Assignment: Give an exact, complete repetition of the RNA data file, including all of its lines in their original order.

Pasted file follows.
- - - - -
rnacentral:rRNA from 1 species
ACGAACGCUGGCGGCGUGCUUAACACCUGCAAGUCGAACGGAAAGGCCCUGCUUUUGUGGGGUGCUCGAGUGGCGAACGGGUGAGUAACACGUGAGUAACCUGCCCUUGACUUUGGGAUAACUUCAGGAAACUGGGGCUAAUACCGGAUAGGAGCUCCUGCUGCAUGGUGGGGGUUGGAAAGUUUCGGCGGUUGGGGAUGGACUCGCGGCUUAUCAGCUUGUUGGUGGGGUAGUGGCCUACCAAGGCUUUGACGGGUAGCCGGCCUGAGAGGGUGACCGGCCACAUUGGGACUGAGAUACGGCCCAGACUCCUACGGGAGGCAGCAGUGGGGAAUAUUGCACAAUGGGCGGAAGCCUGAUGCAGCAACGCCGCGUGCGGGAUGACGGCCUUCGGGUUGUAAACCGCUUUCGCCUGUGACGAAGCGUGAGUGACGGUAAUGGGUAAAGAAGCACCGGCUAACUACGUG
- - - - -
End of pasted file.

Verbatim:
rnacentral:rRNA from 1 species
ACGAACGCUGGCGGCGUGCUUAACACCUGCAAGUCGAACGGAAAGGCCCUGCUUUUGUGGGGUGCUCGAGUGGCGAACGGGUGAGUAACACGUGAGUAACCUGCCCUUGACUUUGGGAUAACUUCAGGAAACUGGGGCUAAUACCGGAUAGGAGCUCCUGCUGCAUGGUGGGGGUUGGAAAGUUUCGGCGGUUGGGGAUGGACUCGCGGCUUAUCAGCUUGUUGGUGGGGUAGUGGCCUACCAAGGCUUUGACGGGUAGCCGGCCUGAGAGGGUGACCGGCCACAUUGGGACUGAGAUACGGCCCAGACUCCUACGGGAGGCAGCAGUGGGGAAUAUUGCACAAUGGGCGGAAGCCUGAUGCAGCAACGCCGCGUGCGGGAUGACGGCCUUCGGGUUGUAAACCGCUUUCGCCUGUGACGAAGCGUGAGUGACGGUAAUGGGUAAAGAAGCACCGGCUAACUACGUG